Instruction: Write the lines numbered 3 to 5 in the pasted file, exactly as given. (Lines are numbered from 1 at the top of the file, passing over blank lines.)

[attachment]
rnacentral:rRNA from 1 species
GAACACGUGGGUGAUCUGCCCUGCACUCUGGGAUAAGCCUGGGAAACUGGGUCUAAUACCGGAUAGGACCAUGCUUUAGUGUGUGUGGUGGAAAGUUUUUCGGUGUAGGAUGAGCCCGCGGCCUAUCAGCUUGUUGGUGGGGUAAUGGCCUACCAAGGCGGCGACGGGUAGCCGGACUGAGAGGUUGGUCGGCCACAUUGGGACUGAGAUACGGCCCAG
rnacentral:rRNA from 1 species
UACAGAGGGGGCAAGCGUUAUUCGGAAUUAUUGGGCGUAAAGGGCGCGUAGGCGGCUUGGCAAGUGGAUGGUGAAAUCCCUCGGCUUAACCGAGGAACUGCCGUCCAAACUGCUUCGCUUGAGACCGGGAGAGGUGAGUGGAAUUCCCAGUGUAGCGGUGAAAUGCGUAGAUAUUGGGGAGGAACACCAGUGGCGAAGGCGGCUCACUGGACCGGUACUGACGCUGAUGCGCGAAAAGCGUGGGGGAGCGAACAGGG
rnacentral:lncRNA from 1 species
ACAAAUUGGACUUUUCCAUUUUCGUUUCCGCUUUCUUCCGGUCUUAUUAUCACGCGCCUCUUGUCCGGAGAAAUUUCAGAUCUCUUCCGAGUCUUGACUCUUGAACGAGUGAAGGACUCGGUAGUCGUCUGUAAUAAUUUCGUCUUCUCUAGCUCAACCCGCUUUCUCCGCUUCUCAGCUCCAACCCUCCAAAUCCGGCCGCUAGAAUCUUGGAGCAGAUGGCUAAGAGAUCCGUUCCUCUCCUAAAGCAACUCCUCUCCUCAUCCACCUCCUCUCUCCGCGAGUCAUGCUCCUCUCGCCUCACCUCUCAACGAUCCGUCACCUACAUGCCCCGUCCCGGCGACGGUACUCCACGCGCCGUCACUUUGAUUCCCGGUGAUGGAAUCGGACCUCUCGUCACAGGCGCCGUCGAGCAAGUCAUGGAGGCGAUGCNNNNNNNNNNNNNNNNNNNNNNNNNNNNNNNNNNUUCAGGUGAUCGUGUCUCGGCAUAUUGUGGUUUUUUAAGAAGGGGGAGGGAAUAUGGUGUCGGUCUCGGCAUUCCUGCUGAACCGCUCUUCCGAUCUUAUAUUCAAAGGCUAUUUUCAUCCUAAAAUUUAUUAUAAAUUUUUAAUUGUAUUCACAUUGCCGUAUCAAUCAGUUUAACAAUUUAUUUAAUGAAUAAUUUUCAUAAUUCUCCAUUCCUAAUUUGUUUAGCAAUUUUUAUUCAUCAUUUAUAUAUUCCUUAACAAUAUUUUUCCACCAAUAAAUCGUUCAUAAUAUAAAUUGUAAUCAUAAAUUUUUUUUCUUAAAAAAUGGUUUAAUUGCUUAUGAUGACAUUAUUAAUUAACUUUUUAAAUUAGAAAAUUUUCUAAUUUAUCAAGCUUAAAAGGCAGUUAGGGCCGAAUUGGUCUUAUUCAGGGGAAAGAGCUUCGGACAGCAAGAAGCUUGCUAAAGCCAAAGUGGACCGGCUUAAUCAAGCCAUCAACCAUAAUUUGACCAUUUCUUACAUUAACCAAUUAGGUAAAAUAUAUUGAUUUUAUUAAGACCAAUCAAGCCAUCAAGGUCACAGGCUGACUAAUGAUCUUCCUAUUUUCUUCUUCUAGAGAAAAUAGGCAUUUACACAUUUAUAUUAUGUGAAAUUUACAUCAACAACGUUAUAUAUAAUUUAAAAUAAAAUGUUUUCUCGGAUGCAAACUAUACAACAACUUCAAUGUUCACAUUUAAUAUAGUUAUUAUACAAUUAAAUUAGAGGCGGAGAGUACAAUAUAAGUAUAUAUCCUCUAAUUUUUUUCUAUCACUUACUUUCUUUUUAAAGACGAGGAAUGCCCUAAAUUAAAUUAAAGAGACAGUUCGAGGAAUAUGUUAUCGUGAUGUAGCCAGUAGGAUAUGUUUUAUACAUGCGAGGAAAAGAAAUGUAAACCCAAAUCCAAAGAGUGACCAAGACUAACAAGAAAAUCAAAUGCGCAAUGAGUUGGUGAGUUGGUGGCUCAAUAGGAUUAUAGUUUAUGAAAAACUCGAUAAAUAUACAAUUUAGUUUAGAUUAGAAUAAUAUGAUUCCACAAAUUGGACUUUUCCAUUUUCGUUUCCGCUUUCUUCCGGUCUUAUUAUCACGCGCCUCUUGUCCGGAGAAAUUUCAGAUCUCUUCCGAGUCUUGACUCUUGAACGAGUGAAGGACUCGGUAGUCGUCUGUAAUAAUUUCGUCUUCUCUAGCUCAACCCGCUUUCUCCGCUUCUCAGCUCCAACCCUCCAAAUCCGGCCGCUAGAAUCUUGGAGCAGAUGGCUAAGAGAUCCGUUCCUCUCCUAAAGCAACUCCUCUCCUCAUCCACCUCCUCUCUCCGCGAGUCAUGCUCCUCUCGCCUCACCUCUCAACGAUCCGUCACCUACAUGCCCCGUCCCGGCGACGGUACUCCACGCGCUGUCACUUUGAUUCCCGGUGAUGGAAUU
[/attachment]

rnacentral:rRNA from 1 species
UACAGAGGGGGCAAGCGUUAUUCGGAAUUAUUGGGCGUAAAGGGCGCGUAGGCGGCUUGGCAAGUGGAUGGUGAAAUCCCUCGGCUUAACCGAGGAACUGCCGUCCAAACUGCUUCGCUUGAGACCGGGAGAGGUGAGUGGAAUUCCCAGUGUAGCGGUGAAAUGCGUAGAUAUUGGGGAGGAACACCAGUGGCGAAGGCGGCUCACUGGACCGGUACUGACGCUGAUGCGCGAAAAGCGUGGGGGAGCGAACAGGG
rnacentral:lncRNA from 1 species